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|Articles - October 2013|
|Monday, September 30, 2013|
BY LINDA BAKER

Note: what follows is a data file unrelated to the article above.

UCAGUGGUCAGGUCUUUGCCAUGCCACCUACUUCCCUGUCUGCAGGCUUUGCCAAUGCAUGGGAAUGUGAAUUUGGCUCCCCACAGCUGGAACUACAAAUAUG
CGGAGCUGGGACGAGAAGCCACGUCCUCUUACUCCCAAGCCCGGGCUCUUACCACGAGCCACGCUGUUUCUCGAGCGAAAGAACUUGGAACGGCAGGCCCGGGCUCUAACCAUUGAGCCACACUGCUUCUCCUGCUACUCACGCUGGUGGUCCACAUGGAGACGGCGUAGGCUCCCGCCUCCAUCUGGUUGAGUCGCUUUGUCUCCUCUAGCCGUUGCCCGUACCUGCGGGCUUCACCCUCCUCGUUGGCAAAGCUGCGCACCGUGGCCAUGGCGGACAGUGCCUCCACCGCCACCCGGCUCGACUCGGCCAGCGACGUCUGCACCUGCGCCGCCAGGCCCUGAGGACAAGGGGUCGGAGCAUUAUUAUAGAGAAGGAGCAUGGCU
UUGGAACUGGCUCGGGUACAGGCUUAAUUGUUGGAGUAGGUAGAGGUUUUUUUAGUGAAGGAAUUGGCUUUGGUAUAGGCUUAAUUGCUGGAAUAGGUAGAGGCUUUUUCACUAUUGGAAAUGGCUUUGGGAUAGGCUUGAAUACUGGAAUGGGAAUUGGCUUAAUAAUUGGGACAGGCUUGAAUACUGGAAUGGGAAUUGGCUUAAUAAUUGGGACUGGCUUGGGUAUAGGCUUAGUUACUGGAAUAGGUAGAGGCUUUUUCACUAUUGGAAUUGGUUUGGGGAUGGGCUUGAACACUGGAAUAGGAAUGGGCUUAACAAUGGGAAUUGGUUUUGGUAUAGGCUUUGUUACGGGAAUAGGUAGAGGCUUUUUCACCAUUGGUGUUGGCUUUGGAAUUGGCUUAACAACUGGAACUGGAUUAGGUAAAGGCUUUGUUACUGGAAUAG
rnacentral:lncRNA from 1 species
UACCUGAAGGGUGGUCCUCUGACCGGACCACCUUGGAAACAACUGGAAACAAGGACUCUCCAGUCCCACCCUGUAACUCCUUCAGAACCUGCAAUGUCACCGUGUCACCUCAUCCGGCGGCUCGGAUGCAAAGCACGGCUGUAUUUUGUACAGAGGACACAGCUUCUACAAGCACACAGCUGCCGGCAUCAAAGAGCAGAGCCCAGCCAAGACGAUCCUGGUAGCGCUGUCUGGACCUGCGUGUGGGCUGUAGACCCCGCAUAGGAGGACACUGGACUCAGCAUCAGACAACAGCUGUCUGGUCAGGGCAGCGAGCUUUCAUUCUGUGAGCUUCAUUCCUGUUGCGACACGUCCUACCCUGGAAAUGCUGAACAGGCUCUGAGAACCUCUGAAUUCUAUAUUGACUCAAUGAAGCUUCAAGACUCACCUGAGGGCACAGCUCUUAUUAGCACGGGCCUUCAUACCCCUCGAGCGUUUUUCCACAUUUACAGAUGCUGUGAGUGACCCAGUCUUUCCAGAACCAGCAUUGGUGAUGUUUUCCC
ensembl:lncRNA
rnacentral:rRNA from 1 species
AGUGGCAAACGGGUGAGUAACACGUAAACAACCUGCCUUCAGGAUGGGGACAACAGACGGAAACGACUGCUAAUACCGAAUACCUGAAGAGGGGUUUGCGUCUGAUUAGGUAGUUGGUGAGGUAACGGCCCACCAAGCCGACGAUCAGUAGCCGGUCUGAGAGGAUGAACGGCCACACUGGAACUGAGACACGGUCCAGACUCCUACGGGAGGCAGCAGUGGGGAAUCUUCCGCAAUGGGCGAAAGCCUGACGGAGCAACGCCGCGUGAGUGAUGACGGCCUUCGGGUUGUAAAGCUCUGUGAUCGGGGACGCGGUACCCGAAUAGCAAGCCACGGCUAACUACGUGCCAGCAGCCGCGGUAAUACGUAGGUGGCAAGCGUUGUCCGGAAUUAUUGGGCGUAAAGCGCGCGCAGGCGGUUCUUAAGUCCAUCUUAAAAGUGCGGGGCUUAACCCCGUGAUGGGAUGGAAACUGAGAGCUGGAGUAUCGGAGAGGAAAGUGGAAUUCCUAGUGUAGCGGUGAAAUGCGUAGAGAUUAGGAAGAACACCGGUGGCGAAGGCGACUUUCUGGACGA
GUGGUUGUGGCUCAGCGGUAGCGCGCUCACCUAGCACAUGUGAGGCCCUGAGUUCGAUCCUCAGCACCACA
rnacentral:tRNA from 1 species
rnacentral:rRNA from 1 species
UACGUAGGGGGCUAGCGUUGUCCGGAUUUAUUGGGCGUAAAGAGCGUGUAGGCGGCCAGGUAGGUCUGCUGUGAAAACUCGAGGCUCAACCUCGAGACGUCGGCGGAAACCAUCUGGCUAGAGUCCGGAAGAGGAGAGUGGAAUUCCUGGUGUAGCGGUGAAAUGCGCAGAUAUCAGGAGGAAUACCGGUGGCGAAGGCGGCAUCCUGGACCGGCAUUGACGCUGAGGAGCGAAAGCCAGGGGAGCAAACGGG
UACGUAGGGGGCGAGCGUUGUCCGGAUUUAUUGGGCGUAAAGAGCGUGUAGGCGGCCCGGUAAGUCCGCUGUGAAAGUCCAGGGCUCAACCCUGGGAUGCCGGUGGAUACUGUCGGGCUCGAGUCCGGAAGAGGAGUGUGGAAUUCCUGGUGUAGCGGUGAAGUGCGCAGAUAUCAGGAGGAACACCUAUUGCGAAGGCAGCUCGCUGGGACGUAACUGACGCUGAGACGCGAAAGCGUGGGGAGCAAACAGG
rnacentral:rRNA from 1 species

Ordinary humans might want to cut down on their sodium chloride intake. But if you happen to be a nanoscientist, lowly table salt is shaping up to be a must-have ingredient. That’s because sodium chloride, as it turns out, has the potential to solve a major problem in the production of silicon nanostructures — tiny, dust-size materials that have enormous potential in everything from electronics to biomedicine and energy storage. By melting and absorbing heat at a critical moment during a “magnesiothermic reaction,” the salt prevents the collapse of the nanostructures that researchers are trying to create, says David Xiulei Ji, an assistant professor of chemistry at Oregon State University. The salt can also be easily washed away and reused. The use of the common condiment as a “heat scavenger” should allow scientists to create less expensive and more scalable silicon nanostructures, says Ji. And as the price goes down, new applications may open up. These include photonics, biological imaging, sensors, drug delivery and thermoelectric materials that can convert heat into electricity. “Salt,” says Ji, in a bit of an understatement, “is very competitive in terms of cost.”
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